Teaching resilience to our kids is a high calling as a parent. There are many thoughtful ways we can grow the values and skills that equip kids to be overcomers. Kids who live a life of faith-filled perseverance. 

But it all starts with us, as the parents, modeling resilience as we overcome our own personal challenges. As we model this for our kids, they will begin to see adversity as an opportunity for them to learn resilience themselves. 

IG Resilience

Two ingredients of overcoming: Resilience and grit

If you don’t want your child to give up as soon as the going gets tough, they’re going to need two important characteristics: resilience and grit.

What are resilience and grit?

  • Merriam-Webster defines resilience as, “an ability to recover from or adjust easily to misfortune or change.”
  • Grit is, “firmness of mind or spirit : unyielding courage in the face of hardship or danger.”

In short: Recovery, adjustment, and unyielding courage. 

This reminds me an awful lot of what we’ve all needed during the global Covid-19 pandemic.

Why your kids need resilience and grit

Why does resilience matter?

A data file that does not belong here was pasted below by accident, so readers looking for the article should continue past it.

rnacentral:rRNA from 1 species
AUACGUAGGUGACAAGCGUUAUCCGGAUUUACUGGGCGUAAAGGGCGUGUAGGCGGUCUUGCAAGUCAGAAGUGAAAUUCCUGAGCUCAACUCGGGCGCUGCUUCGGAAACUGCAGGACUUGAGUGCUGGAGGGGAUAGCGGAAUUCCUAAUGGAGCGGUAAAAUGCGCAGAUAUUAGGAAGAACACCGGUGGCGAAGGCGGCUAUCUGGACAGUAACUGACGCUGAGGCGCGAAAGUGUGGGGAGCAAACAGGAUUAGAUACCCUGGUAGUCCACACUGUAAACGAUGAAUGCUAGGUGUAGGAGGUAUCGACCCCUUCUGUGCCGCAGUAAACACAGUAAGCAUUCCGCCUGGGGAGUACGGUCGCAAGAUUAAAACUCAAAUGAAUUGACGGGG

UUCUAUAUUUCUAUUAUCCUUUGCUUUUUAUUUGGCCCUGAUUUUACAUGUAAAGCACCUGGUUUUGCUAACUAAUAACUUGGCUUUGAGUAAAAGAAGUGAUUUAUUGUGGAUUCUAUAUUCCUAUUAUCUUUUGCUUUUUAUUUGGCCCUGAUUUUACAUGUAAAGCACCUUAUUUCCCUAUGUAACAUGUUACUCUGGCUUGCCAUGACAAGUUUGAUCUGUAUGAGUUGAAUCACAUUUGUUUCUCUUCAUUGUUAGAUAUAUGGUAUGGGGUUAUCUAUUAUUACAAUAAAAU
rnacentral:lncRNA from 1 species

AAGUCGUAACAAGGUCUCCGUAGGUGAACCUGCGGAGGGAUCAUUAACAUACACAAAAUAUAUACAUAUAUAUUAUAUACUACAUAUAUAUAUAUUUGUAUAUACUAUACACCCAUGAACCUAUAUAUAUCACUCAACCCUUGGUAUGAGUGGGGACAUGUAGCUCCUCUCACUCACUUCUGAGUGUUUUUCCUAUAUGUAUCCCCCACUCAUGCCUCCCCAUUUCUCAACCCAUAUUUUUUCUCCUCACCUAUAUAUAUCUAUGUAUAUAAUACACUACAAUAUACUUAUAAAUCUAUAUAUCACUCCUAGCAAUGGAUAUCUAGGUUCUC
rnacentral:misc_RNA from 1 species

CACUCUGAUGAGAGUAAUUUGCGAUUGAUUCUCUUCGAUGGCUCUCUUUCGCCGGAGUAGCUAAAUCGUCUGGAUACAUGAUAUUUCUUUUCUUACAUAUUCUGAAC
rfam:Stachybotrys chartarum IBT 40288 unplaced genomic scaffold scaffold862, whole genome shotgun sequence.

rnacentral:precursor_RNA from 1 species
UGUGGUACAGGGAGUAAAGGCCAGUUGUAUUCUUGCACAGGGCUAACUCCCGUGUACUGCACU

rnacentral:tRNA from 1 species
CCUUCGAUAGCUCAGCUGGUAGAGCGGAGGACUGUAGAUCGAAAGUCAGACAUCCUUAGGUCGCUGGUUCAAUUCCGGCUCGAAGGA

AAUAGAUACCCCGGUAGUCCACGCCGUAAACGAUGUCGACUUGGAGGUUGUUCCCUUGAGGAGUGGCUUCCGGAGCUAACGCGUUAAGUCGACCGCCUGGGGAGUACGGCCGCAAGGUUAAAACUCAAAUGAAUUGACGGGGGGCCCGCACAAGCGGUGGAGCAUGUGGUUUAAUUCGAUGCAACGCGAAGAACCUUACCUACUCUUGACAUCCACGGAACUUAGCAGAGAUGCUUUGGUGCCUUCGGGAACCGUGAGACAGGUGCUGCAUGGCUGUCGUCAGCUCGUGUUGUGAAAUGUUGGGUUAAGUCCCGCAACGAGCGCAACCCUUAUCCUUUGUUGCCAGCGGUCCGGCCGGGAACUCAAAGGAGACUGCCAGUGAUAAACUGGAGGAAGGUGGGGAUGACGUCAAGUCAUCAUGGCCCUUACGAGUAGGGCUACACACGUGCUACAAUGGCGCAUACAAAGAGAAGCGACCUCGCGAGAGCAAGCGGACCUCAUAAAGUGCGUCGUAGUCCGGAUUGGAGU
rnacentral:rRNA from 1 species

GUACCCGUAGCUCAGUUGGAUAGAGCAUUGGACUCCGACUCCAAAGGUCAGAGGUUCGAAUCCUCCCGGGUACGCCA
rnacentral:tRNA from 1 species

1. Because bad things happen.

Jesus said, “In this world, you will have trouble.”

Right now maybe it’s just mastering long division or riding a bicycle. Maybe it’s finishing their homework, or internalizing their spelling list. These challenges don’t feel like life-altering skills or major trials, do they?  However, learning to persist is a life-altering skill for the major trials that inevitably will come.

2. Because life won’t always be easy.

In fact, the kids that seem to master it all so easily—who excel at school and never need to study, who master that backflip on the trampoline in just a couple tries—these are the kids that may need your assistance the most in learning resilience. Life isn’t forcing resilience on them.

Consider what happens when resilience and perseverance are not learned,